The “Stranger Things 2” Poster Draws On A Vast, Rich Legacy Of Horror Movie Posters

From ‘Fright Night’ to the Korean poster for Paul Feig’s ‘Ghostbusters,’ the callbacks are strong.

The poster image for the second season of Stranger Things was revealed this morning, and it’s a stunning, immediately resonant image: the four kids from season one (minus Eleven, who will presumably be showing up later), on their familiar bicycles, on the outskirts of their town as they watch a violent red sky that may be haunted by something spectral and spooky. The new season doesn’t hit Netflix for three more months, but this tantalizing image only makes us want October 27 to get here sooner.


However, the poster doesn’t just conjure our love of the first season of Stranger Things and those characters. It also draws on our familiarity with similar images. If season one looked like the cover of a Stephen King novel, this poster looks more like R.L. Stine’s Goosebumps crossed with—well, crossed with a lot of horror movie posters, both classic and contemporary. The image perhaps most clearly recalls 1985’s Fright Night, with a contrast between suburban ordinariness and the monsters in the sky; it also suggests the Korean poster for 2015’s Ghostbusters remake, with four figures staring at something emerging from a swirl of clouds. Similar imagery also popped up on the posters for A Nightmare On Elm Street and Friday The 13th Part VIII: Jason Takes Manhattan.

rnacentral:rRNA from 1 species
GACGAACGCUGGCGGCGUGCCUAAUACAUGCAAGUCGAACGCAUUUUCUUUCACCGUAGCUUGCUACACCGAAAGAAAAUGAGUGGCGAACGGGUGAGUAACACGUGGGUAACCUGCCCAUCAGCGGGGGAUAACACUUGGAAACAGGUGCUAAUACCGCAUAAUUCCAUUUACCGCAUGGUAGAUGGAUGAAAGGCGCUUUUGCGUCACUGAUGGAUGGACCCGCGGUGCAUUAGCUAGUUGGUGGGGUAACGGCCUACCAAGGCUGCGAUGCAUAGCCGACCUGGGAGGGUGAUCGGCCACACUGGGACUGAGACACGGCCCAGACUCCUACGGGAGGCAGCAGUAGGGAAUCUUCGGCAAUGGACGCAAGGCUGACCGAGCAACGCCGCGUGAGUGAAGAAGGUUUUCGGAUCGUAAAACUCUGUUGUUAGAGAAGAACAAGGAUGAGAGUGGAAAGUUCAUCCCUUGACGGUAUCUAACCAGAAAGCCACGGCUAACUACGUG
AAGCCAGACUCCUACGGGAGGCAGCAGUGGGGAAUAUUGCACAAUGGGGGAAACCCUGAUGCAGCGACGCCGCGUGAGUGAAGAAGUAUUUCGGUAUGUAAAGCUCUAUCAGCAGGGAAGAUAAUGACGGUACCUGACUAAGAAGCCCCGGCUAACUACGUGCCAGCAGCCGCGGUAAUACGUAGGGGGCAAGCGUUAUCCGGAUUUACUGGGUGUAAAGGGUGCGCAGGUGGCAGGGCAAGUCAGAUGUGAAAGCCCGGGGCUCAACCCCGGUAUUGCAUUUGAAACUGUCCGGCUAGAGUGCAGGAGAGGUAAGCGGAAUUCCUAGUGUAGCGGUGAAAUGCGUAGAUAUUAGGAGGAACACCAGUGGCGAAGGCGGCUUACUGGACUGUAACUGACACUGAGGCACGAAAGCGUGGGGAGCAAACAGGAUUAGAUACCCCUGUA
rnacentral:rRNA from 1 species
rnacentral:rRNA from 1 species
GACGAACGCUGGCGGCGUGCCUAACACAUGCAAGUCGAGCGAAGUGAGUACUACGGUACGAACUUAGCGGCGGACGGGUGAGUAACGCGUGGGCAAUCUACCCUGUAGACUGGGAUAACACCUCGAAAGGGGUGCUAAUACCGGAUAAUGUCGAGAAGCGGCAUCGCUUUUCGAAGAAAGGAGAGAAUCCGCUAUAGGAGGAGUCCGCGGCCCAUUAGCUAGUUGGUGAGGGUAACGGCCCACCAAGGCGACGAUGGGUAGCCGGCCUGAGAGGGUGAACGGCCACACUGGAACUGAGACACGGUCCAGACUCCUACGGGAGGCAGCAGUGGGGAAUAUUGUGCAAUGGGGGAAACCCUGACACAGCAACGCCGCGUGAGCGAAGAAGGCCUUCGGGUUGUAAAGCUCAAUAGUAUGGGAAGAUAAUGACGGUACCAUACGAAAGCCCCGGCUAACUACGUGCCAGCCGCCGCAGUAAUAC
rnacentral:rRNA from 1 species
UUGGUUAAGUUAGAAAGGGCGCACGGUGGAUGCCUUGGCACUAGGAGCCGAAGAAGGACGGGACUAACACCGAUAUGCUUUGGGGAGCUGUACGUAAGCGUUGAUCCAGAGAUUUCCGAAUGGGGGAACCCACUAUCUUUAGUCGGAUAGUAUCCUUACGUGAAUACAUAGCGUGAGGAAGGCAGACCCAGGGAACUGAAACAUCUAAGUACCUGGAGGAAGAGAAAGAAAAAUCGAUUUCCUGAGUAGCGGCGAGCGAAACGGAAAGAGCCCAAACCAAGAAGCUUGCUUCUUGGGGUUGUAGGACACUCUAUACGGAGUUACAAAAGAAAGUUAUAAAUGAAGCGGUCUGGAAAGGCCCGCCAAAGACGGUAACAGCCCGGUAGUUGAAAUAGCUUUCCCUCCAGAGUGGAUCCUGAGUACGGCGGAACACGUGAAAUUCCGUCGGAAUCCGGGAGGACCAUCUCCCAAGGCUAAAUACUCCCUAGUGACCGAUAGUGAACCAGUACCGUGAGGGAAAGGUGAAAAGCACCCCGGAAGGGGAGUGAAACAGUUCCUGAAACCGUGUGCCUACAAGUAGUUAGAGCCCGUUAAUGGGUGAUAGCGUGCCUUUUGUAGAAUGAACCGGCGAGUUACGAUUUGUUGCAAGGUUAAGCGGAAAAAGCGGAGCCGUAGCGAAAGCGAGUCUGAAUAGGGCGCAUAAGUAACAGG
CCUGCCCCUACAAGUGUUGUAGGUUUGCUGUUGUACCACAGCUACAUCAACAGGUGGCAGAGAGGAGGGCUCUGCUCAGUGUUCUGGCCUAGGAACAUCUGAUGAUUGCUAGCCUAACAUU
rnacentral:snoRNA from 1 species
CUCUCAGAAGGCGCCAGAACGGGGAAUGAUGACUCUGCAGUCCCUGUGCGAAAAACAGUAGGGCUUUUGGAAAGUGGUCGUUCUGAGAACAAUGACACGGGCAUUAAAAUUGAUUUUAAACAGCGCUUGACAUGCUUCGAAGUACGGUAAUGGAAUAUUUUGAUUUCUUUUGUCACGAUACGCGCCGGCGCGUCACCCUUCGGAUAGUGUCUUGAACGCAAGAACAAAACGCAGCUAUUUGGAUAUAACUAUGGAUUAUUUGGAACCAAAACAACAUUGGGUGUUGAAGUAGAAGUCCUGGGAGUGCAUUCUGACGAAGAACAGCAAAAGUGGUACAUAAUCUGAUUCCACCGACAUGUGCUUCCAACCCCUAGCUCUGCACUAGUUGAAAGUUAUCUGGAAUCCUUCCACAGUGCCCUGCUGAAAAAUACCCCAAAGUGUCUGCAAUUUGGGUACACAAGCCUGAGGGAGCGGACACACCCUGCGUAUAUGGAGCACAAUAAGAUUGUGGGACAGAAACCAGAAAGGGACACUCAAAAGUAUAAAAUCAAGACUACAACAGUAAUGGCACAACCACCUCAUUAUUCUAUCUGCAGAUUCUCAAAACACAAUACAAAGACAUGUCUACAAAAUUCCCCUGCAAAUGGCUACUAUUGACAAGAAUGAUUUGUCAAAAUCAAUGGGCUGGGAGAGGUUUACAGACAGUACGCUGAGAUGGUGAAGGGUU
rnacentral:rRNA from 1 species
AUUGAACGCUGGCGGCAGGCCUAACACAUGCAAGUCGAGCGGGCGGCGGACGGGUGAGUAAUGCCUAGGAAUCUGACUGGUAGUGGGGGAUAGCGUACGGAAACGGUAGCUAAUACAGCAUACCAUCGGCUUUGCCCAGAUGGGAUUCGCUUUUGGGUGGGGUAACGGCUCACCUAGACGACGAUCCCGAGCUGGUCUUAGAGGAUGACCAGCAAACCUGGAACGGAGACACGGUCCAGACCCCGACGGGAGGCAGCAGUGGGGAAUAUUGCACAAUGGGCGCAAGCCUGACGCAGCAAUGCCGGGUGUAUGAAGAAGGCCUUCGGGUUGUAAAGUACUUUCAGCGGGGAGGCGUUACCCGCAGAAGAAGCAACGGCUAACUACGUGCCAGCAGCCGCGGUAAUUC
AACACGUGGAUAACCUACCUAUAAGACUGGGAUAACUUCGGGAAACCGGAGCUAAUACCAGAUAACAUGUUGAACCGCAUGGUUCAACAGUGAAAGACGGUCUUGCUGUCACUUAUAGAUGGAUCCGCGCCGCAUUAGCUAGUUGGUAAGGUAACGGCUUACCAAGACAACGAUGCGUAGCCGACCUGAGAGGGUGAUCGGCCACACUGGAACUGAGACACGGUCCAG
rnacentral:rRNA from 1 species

It’s also imagery that’s been referred back to by other recent posters—in M. Night Shyamalan’s 2008 film The Happening and 2015’s The Hallow, and it’s not a million miles away from the art for 1996’s Twister, either.

All of which is to say that part of the joy of the first season of Stranger Things was the fact that it was full of imagery and ideas that referred back to similarly-themed work from the past, while also feeling like it was building something new and contemporary off of those images. If the first poster for season two is any indication, that’s something they’ve kept at the heart of the concept going forward.

About the author

Dan Solomon lives in Austin with his wife and his dog. He's written about music for MTV and Spin, sports for Sports Illustrated, and pop culture for Vulture and the AV Club.